India Correspondent, bdnews24.com
Published: 2017-03-19 15:08:26 BdST
On top of the list is the Teesta water sharing issue and Delhi wants a direct discussion between Hasina and West Bengal Chief Minister Mamata Banerjee to break the ice.
Since PM Hasina will be staying with Indian President Pranab Mukherjee at the Rastrapati Bhavan, the Hasina-Mamata meeting may be held under his stewardship, ably supported by foreign ministry and water resources ministry officials of both countries.
An Indian Ministry of External Affairs (MEA) official said Indian Prime Minister Narendra Modi has high respect for President Pranab Mukherjee's "knowledge of India-Bangladesh issues" and it was his idea to get the Bengali elder statesman to take the lead to resolve the Teesta issue.
The Indian president's good personal rapport with both Hasina and Mamata is seen as an added advantage.
But it was not yet clear whether the invitation has already been extended to Mamata Banerjee and if so how she has responded.
"Our grouse has been that Delhi has not properly consulted us before they drafted the Teesta agreement in 2010. If we are consulted and our views are given due importance, why should we not seek a settlement," a top Trinamool leader said, but was not willing to be named.
When Hasina visited Delhi more than six years ago, Mamata had met her and addressed her as 'elder sister.'
Modi's idea of bringing chief ministers of Assam, Tripura, Meghalaya and Mizoram to Delhi alongside Mamata Banerjee is also designed to create the necessary push for a resolution.
It takes a leaf out of his predecessor Manmohan Singh's book because Singh had taken the chief ministers of these states to Dhaka in 2010. Mamata backed out in the last minute, opposing the Teesta deal.
Modi has perhaps also not missed out on Mamata's conciliatory gestures -- the lone Trinamool MLA in Manipur supported the formation of a BJP government in that state and it now seems the move was okayed by Mamata.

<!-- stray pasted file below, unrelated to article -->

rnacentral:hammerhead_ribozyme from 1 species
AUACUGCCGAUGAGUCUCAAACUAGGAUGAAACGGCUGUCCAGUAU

Hasina meeting Modi on the sidelines of BRICS-BIMSTEC Summit in Goa in October 2016.
Though relations between Modi and Mamata had nose-dived after the demonetisation, the BJP sweeping poll victories in Uttar Pradesh and Uttarakhand and formation of governments in Goa and Manipur may have also softened Mamata's opposition.
Assam is ruled by BJP, Tripura by the Left and Mizoram and Meghalaya by Congress. The chief ministers of these states are supposed to support a solution on Teesta because the process was initiated by the Congress and supported by the Left in 2010.
Though the Northeast Indian states have no direct stake in Teesta, Modi wants a breakthrough on sharing the waters of this river to pave the way for solutions on other common rivers, many of them in the region.
"After UP polls, Modi's position has become stronger but he intends to resolve the issue within the framework of cooperative federalism," said a top BJP leader. "Mamata should rise above partisan considerations."
Since barely a fortnight remains for the Hasina visit, there is not enough time for an agreement now.
But the Indian government is planning a breakthrough and mention about the mutual resolve to reach a final settlement on Teesta in the joint declaration at the end of the Bangladesh prime minister's visit.
"An agreement will happen once a breakthrough is achieved and that may be at a later stage," the official of India's ministry of external affairs said.